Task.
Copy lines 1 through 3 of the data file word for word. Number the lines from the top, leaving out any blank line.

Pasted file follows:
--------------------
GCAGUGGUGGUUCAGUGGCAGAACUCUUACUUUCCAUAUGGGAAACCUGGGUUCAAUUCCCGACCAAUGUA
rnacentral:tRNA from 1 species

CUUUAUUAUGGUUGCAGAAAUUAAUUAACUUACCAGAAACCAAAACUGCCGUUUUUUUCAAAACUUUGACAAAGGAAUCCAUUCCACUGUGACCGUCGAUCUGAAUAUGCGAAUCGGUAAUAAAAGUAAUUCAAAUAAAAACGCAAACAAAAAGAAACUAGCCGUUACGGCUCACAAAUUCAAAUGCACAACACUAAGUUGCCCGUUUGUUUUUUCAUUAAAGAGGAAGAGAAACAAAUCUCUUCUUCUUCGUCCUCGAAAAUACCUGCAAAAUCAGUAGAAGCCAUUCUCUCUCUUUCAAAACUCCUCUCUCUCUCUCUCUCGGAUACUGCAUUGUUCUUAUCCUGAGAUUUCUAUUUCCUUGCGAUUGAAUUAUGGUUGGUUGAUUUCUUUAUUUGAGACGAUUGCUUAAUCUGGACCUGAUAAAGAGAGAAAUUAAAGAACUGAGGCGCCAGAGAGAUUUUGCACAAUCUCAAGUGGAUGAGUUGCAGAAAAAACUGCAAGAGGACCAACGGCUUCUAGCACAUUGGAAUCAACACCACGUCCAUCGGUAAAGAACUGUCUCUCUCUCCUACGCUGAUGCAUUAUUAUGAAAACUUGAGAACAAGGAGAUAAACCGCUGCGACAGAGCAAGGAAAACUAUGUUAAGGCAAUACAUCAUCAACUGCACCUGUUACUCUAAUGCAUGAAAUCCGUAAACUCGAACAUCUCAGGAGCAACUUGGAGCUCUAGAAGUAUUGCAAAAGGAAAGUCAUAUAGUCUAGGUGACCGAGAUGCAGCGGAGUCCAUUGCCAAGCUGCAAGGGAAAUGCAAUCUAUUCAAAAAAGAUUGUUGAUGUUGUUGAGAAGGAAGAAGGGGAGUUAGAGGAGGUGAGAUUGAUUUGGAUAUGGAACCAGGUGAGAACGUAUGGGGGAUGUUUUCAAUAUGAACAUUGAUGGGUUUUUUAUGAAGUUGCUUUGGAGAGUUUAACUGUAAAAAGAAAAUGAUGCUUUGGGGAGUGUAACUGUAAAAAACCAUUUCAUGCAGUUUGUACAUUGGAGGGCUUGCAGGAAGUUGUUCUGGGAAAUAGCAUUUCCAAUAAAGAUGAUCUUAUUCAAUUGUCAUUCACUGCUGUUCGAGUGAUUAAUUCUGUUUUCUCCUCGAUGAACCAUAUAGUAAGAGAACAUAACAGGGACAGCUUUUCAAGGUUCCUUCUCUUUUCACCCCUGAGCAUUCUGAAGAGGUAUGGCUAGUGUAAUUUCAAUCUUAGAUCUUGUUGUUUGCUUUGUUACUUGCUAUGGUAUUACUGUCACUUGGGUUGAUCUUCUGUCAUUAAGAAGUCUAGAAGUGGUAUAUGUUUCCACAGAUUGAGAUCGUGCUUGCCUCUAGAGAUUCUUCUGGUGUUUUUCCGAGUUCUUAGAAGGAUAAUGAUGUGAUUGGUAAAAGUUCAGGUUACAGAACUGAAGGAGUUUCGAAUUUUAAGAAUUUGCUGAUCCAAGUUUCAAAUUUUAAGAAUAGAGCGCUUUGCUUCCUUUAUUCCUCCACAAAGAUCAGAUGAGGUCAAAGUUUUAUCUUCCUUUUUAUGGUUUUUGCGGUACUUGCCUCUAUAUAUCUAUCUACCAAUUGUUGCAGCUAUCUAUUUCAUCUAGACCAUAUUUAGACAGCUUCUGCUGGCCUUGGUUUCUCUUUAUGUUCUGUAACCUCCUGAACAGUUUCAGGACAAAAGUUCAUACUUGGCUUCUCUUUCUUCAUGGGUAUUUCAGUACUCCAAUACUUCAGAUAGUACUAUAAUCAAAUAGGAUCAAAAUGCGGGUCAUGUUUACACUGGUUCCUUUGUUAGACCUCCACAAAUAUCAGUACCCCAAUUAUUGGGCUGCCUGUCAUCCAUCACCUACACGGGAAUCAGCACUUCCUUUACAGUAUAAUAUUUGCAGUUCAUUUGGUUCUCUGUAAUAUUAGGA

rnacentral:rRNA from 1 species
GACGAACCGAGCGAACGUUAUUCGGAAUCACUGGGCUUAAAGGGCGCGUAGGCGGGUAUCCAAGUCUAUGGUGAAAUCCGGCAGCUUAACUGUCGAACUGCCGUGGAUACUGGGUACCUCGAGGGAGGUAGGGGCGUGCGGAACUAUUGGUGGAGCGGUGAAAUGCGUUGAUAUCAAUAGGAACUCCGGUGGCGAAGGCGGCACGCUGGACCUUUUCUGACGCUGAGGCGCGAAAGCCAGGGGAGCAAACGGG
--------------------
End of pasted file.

GCAGUGGUGGUUCAGUGGCAGAACUCUUACUUUCCAUAUGGGAAACCUGGGUUCAAUUCCCGACCAAUGUA
rnacentral:tRNA from 1 species

CUUUAUUAUGGUUGCAGAAAUUAAUUAACUUACCAGAAACCAAAACUGCCGUUUUUUUCAAAACUUUGACAAAGGAAUCCAUUCCACUGUGACCGUCGAUCUGAAUAUGCGAAUCGGUAAUAAAAGUAAUUCAAAUAAAAACGCAAACAAAAAGAAACUAGCCGUUACGGCUCACAAAUUCAAAUGCACAACACUAAGUUGCCCGUUUGUUUUUUCAUUAAAGAGGAAGAGAAACAAAUCUCUUCUUCUUCGUCCUCGAAAAUACCUGCAAAAUCAGUAGAAGCCAUUCUCUCUCUUUCAAAACUCCUCUCUCUCUCUCUCUCGGAUACUGCAUUGUUCUUAUCCUGAGAUUUCUAUUUCCUUGCGAUUGAAUUAUGGUUGGUUGAUUUCUUUAUUUGAGACGAUUGCUUAAUCUGGACCUGAUAAAGAGAGAAAUUAAAGAACUGAGGCGCCAGAGAGAUUUUGCACAAUCUCAAGUGGAUGAGUUGCAGAAAAAACUGCAAGAGGACCAACGGCUUCUAGCACAUUGGAAUCAACACCACGUCCAUCGGUAAAGAACUGUCUCUCUCUCCUACGCUGAUGCAUUAUUAUGAAAACUUGAGAACAAGGAGAUAAACCGCUGCGACAGAGCAAGGAAAACUAUGUUAAGGCAAUACAUCAUCAACUGCACCUGUUACUCUAAUGCAUGAAAUCCGUAAACUCGAACAUCUCAGGAGCAACUUGGAGCUCUAGAAGUAUUGCAAAAGGAAAGUCAUAUAGUCUAGGUGACCGAGAUGCAGCGGAGUCCAUUGCCAAGCUGCAAGGGAAAUGCAAUCUAUUCAAAAAAGAUUGUUGAUGUUGUUGAGAAGGAAGAAGGGGAGUUAGAGGAGGUGAGAUUGAUUUGGAUAUGGAACCAGGUGAGAACGUAUGGGGGAUGUUUUCAAUAUGAACAUUGAUGGGUUUUUUAUGAAGUUGCUUUGGAGAGUUUAACUGUAAAAAGAAAAUGAUGCUUUGGGGAGUGUAACUGUAAAAAACCAUUUCAUGCAGUUUGUACAUUGGAGGGCUUGCAGGAAGUUGUUCUGGGAAAUAGCAUUUCCAAUAAAGAUGAUCUUAUUCAAUUGUCAUUCACUGCUGUUCGAGUGAUUAAUUCUGUUUUCUCCUCGAUGAACCAUAUAGUAAGAGAACAUAACAGGGACAGCUUUUCAAGGUUCCUUCUCUUUUCACCCCUGAGCAUUCUGAAGAGGUAUGGCUAGUGUAAUUUCAAUCUUAGAUCUUGUUGUUUGCUUUGUUACUUGCUAUGGUAUUACUGUCACUUGGGUUGAUCUUCUGUCAUUAAGAAGUCUAGAAGUGGUAUAUGUUUCCACAGAUUGAGAUCGUGCUUGCCUCUAGAGAUUCUUCUGGUGUUUUUCCGAGUUCUUAGAAGGAUAAUGAUGUGAUUGGUAAAAGUUCAGGUUACAGAACUGAAGGAGUUUCGAAUUUUAAGAAUUUGCUGAUCCAAGUUUCAAAUUUUAAGAAUAGAGCGCUUUGCUUCCUUUAUUCCUCCACAAAGAUCAGAUGAGGUCAAAGUUUUAUCUUCCUUUUUAUGGUUUUUGCGGUACUUGCCUCUAUAUAUCUAUCUACCAAUUGUUGCAGCUAUCUAUUUCAUCUAGACCAUAUUUAGACAGCUUCUGCUGGCCUUGGUUUCUCUUUAUGUUCUGUAACCUCCUGAACAGUUUCAGGACAAAAGUUCAUACUUGGCUUCUCUUUCUUCAUGGGUAUUUCAGUACUCCAAUACUUCAGAUAGUACUAUAAUCAAAUAGGAUCAAAAUGCGGGUCAUGUUUACACUGGUUCCUUUGUUAGACCUCCACAAAUAUCAGUACCCCAAUUAUUGGGCUGCCUGUCAUCCAUCACCUACACGGGAAUCAGCACUUCCUUUACAGUAUAAUAUUUGCAGUUCAUUUGGUUCUCUGUAAUAUUAGGA